Wednesday, January 12, 2011

Cup Update

By 6:00 this morning, TigerBlog had already received a text message, a voicemail and an email from TigerBlog Jr. and Little Miss TigerBlog's school district saying that today would in fact be a snow day.

Back when TigerBlog was a kid, none of those mechanisms for notification were in place. Instead, TB would have to listen to the radio or see an early version of a crawl on the bottom of the screen on television, hoping to hear that his school was closed.

It was such a hopeful moment, waiting to see if it'd be a free day or, crushingly, if school was in fact still on.

There's nothing like a snow day for a kid. For starters, you can't count on it, so you have to have all of your homework done in advance of knowing that school is off. As a result, it's a day devoted completely to play, and with the bonus of having freshly fallen snow all around you.

When you're little, that means things like snowmen and sledding and very little time outside before you get too cold, so you come inside for hot chocolate and TV. Of course, going from outside to inside requires putting on layers and boots and gloves and hats and scarves, and coming from outside to inside means the reverse, only everything is wet.

And then it's impossible to come inside without getting some of the snow all over the floor, something guaranteed to set any parent off.

As you get older, you graduate to helping shovel and then eventually having to shovel on your own. The trade-off is playing football in the snow, which makes the shoveling worth it.

TigerBlog first heard about this most recent snow from Chuck, the guy at the gas station, who said last week that we were getting snow on Tuesday and that it could be bad. How bad, TB asked? At least 10 inches and, if the worst-case scenario plays out, as much as three feet.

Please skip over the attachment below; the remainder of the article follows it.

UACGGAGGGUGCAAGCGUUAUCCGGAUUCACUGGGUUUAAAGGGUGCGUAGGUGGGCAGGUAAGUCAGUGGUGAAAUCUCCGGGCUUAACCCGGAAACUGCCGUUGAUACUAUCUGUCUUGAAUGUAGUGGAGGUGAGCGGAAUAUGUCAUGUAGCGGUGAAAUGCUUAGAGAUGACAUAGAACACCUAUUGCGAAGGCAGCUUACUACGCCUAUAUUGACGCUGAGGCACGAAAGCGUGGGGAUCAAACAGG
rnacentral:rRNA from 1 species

TB was hoping for less, but it appears that about 10 inches of so fell in the Princeton area. This time, though, it was the really light snow, the kind that's easy to shovel.

December, of course, means the holidays and ultimately the end of the year. February can offer a warm day or two here or there, as well as the start of lacrosse season (Feb. 26, Princeton at Hofstra, is a mere 45 days away).

January, though, is nothing but winter. According to the nice lady across the street, the Farmers' Almanac said that this would be a very mild winter, though so far that has hardly been the case. The 10-day forecast for Princeton shows that the temperature will never make it out of the 30s, and on four of the 10 days, it won't make it out of the 20s.

Autumn officially ended nearly a month ago, but not for the Learfield Directors' Cup standings.

Nope, the fall ended today for the people who track the Directors' Cup, and it ended with Princeton in 25th place in Division I.

The Directors' Cup uses NCAA championship placings to determine the best overall athletic program in Division I, II and III for the course of an academic year. Stanford, with 399 points, is in first place after the fall, and if history is any judge, the Cardinal are there to stay, as the school has won 16 of the 17 Cups awarded.

Princeton isn't competing for first place overall but instead to consistently place in the 30s, 40s or 50s. In the 17 years that the Cup has been awarded, Princeton has finished in the top 50 14 times and the top 40 12 times. There have been five Top 30 finishes, with an all-time best of 21st in 2001-02.

Princeton received points for the fall in men's soccer, field hockey and men's and women's cross country.

TigerBlog is always fascinated by the schools that finish directly ahead of and below Princeton, which after the fall looks like this:

21. Louisville
22. Indiana
23. New Mexico
24. UCLA
25. Princeton
26. Michigan State
27. Auburn/Florida
29. Boston College
30. Minnesota

New Mexico, who earned big points in both cross countries and additional points in both soccers and women's volleyball, is the highest non-BCS conference school. Princeton is second, and the next are Tulsa, Central Florida and William & Mary at 34, 35 and 36.

In other words, there are all kinds of schools out there competing for the top spots in this competition.

The fact that Princeton consistently ranks so high - and finished this fall at 25th - is nothing short of remarkable.

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